Happy Birthday, Mr. Lincoln

Abraham Lincoln, 1861 March 6. Matthew Brady, photographer. Source: CPL, Grand Army of the Republic Collection, 72.341

Few presidents are as respected as Abraham Lincoln. We all know some basic facts about the man who would have been 207 this year: he was tall, bearded, a lawyer and a politician; he famously debated Stephen A. Douglas, most notably about slavery; he was president during the Civil War and issued the Emancipation Proclamation, which ended legal slavery; […]

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#TBT: Hamlet, a Woman?

Hamlet at McVicker's Theatre starring Anna Dickinson, 01-30-1882

In Shakespeare’s day, only men acted in his plays, even playing female characters. 2016 marks the 400th anniversary of the Bard's death, and over the centuries, things have changed. Men and women have played both male and female parts—I even saw an all-female cast of Henry V back in high school. But that was actually nothing new. […]

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Examining Chicago’s Role in Political Conventions

Abraham Lincoln campaign ribbon from 1860

Even before the groundhog looks for his shadow, the first political contest for 2016 begins. Starting with the Iowa caucus on February 1, the primary season ushers in a year of non-stop television ads and lots of opinions. Thomas Dyja, the author of this year's One Book, One Chicago selection, describes our city’s impact on […]

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David Bowie’s American Stage Debut

Elephant Man Title Page

“How many rock stars could step out from behind their guitars and into a Broadway drama without thoroughly embarrassing themselves? At least one: David Bowie.” Theater critic Scott Fosdick asked and answered this question when David Bowie made his American stage debut as John Merrick in The Elephant Man at Chicago’s Blackstone Theatre in 1980. […]

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The Season of Giving

Child tending garden. Source: Chicago Outdoor Art League Records. Photograph 1.28

I recently finished reading The Third Coast by Thomas Dyja, this year's One Book One Chicago selection. The OBOC program this year is framed by the theme, "Chicago: The City That Gives." This time of year, that message really resonates. To honor the theme and to continue my goal of highlighting connections between CPL's archives and Dyja's history, […]

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#TBT: It’s a Double Woodson Birthday Celebration!

Chicago Public Library, Hall Branch Archives

This month Carter G. Woodson Regional Library celebrates two important birthdays on December 19; let's honor them for this Throwback Thursday. The library marks its 40th year of service to the city, and it's the 140th birth anniversary of the building's namesake, Carter Godwin Woodson. Carter G. Woodson Regional Library opened December 19, 1975, in […]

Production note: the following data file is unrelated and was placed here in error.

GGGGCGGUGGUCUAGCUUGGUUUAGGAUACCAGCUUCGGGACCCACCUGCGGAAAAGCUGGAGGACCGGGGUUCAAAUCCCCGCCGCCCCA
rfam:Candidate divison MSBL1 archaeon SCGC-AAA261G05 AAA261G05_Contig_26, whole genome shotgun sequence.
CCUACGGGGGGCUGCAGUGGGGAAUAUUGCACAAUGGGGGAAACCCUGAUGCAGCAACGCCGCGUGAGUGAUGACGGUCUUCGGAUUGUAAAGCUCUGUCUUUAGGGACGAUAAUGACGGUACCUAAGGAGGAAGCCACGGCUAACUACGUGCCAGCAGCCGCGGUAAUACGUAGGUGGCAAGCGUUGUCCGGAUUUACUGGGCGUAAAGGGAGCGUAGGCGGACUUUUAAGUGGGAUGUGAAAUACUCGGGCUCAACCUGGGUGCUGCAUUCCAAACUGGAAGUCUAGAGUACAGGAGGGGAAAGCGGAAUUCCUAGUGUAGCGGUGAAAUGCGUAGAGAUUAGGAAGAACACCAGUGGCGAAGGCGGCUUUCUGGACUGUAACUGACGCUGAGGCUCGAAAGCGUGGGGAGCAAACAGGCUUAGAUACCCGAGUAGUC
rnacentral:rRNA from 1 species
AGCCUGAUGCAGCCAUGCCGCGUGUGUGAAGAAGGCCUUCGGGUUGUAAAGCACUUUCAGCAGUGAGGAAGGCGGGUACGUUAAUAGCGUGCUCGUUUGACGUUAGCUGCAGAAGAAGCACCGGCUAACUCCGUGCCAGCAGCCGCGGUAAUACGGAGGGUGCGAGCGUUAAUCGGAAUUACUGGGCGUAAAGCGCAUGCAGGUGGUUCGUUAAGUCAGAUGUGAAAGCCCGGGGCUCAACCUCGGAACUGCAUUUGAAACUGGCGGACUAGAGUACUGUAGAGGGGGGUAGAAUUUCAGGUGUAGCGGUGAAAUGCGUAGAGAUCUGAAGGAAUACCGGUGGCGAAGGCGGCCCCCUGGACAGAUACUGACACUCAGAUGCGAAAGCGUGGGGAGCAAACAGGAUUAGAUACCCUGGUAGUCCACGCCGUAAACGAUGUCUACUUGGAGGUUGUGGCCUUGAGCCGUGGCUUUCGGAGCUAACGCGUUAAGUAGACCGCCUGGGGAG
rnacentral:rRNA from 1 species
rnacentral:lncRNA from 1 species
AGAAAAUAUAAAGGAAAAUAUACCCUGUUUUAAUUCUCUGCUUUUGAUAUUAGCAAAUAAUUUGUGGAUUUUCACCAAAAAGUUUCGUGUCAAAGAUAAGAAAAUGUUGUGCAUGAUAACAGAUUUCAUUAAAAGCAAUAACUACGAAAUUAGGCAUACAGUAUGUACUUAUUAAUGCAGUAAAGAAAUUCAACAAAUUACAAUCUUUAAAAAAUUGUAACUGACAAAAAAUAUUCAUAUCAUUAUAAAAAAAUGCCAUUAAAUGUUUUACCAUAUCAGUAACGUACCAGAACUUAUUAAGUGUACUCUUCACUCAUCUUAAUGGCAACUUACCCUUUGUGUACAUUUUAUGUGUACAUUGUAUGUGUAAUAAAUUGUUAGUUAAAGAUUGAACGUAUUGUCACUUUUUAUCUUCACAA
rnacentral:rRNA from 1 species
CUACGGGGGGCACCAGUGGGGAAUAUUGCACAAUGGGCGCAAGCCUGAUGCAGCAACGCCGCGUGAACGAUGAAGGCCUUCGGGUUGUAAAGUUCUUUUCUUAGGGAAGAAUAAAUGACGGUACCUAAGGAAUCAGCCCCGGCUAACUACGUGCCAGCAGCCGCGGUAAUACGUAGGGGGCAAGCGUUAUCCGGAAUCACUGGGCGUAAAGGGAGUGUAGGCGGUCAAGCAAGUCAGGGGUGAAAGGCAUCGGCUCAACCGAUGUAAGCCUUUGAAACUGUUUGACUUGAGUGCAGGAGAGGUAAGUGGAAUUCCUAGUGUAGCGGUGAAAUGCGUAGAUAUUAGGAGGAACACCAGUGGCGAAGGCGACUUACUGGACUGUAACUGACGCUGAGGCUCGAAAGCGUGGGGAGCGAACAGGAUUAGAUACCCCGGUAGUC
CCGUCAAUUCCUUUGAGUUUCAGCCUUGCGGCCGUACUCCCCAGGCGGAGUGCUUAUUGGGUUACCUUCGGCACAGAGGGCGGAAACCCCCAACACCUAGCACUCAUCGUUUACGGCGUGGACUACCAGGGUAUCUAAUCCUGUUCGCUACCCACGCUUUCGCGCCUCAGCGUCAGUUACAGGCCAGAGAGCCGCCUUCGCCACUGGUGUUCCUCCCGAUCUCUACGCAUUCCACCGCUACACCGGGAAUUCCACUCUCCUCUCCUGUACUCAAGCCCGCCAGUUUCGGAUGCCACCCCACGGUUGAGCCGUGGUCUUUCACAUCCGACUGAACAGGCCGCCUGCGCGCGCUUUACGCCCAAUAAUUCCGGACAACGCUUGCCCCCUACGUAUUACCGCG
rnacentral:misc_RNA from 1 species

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Maxwell Street Market Today

people walking in front of colorful signs

In my last post, we learned about the history and economic heart of the Maxwell Street Market. As a business area that served many of the cities’ marginalized populations, Maxwell Street Market became culturally significant too. Street musicians and buskers developed their own take on Chicago blues. You can hear this style on albums as […]

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Maxwell Street: The Market of the Third Coast

Man leaning on stand with suit jackets and pants

Chicago may not have the oldest municipal public market in the country–Pike’s Place Market in Seattle claims that title. But Chicago's Maxwell Street Market may be the most colorful. Some may argue that Maxwell Street's heyday was between the 1930s and the 1960s, the same period discussed in the One Book One Chicago selection, Thomas […]

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Alice on the Stage

Alice in Wonderland program cover

Lewis Carroll's beloved fantasy story Alice in Wonderland has delighted children for 150 years. Alice is loved not only on paper, but also on the stage. In 1898, Burton Harrison brought Alice in Wonderland to life in three acts at the request of "kind ladies" caring for ailing children at a London hospital. By the […]

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I’ll Have My Regular, Please

State St. Days, 1956. Source: Chicago Loop Alliance Collection, Special Collections. Box 4, Folder 5.

A theme running throughout this year's One Book One Chicago selection, Thomas Dyja's The Third Coast, is the value Chicagoans placed on being "regular." In the preface, Dyja states, Towering success mattered less to the vast majority of Chicagoans than just being "regular".... "Beyond being regular," wrote novelist Nelson Algren, "there was nothing expected of a man. […]

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